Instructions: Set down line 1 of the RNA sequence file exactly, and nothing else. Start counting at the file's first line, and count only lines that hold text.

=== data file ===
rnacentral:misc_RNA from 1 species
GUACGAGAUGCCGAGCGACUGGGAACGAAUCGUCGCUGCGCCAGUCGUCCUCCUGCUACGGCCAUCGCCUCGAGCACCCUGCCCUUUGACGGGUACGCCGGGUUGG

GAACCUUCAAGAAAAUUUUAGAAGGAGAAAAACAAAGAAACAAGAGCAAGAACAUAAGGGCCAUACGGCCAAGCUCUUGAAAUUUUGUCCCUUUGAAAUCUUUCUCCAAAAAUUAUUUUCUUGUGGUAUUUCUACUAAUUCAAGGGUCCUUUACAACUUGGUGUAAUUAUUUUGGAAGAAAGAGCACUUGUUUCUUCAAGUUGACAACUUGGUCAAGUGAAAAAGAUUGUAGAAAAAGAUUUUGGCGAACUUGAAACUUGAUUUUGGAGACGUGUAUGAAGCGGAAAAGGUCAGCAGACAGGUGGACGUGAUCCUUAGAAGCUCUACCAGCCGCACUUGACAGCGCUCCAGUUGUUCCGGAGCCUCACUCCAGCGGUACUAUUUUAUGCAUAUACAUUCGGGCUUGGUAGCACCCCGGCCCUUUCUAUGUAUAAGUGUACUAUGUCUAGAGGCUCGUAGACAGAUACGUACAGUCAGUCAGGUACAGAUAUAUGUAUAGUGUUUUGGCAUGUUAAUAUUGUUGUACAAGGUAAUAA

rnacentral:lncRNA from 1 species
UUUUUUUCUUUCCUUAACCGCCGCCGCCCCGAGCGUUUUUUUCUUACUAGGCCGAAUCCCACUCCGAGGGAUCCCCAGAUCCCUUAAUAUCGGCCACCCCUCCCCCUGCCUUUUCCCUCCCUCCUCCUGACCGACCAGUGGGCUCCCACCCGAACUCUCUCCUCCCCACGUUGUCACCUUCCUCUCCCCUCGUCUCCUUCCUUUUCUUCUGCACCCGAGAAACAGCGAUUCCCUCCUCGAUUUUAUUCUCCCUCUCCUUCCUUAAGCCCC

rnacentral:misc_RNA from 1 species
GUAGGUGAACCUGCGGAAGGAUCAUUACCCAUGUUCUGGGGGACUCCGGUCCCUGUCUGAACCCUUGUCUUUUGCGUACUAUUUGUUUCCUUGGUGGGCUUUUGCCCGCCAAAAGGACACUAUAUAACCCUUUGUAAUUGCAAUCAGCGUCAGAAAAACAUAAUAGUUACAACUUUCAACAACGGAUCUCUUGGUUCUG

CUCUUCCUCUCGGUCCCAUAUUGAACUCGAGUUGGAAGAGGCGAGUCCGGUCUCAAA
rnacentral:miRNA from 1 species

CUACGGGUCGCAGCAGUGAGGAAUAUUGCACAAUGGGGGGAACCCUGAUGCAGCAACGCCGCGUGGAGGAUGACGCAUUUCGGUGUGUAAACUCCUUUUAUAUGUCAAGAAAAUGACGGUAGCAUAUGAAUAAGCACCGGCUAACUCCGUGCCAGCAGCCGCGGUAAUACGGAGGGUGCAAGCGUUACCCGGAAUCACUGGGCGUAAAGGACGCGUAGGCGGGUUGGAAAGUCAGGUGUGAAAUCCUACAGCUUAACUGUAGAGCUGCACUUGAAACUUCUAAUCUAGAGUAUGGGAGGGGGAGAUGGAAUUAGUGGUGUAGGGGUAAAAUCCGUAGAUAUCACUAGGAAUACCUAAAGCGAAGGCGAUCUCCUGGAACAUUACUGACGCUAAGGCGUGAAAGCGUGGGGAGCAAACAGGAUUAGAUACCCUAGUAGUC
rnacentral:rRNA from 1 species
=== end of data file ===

rnacentral:misc_RNA from 1 species